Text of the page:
Where would we be without functioning data centers? That’s a question to ponder as you sit around the Thanksgiving Day table with family and friends.
This time of year, data centers are hit especially hard. Gray Thursday and Black Friday shopping surges stretch retail store connectivity as customers use wireless on smartphones while they shop, and networked cash registers and point-of-sale systems ring up purchases. If these systems go down, so do transactions.
Reports from Techradar say that tomorrow (Black Friday) is going to be the biggest day of online shopping in history. While this is exciting for consumers, it’s a little scary for data center managers. What if the network goes down? The power goes out? There’s a single point of failure?
The same holds true for online shopping. Last year, Cyber Monday was the biggest online shopping day in history. Online shopping revenue was up 15.4% as compared to Cyber Monday 2013. If your website isn’t accessible due to data center downtime, you lose all potential sales. Just ask HP, Best Buy, Cabela’s and Foot Locker – these retailers all suffered website outages last year (many citing “internal issues” as the cause).
Cyber Monday is one of the most heavily trafficked Internet days of the year. Most people are back at work by then (the Monday after Thanksgiving), but don’t want to miss out on sales – so online shopping may happen within workplace walls, maxing out network bandwidth and negatively impacting productivity and performance. The more traffic there is on the network, the slower things move.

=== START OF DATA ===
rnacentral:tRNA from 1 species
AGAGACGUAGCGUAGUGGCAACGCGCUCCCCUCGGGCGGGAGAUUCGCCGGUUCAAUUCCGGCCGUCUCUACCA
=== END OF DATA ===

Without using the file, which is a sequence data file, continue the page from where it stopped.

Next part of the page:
Mobile shopping (orders on smartphones and tablets) made up one-fifth of Cyber Monday online shopping last year; that number is expected to grow again next week. The National Retail Federation expects 126.9 million shoppers to buy online on Cyber Monday 2015.
The best thing to do to make sure your data center is ready? Prepare ahead of time. A DCIM solution provides peace of mind by constantly monitoring and managing the environment. When a potential problem arises, it alerts you immediately. Early warnings help you address the issue before it wreaks havoc, interfering with the shopping experience.
Data centers designed to reduce human error (the No. 1 cause of downtime) can also prevent “internal issues” like some big businesses suffered through last year. Clear color coding and tracing eliminate the need for “guessing” during maintenance and repair work.
Belden offers several solutions to minimize human error. Standard fiber and copper products have the same footprint to encourage easy and fast installation, repair and maintenance. Erika Violet cable, adapters and connector bodies make plugging in the wrong fiber jumper type virtually impossible.
Mike Peterson joined Belden from 2014 to 2016. As the technology and applications manager, Mike monitored major industry technology activities and kept tabs on up-and-coming data center trends. He was also instrumental in developing relationships with industry standards organizations and trade alliances.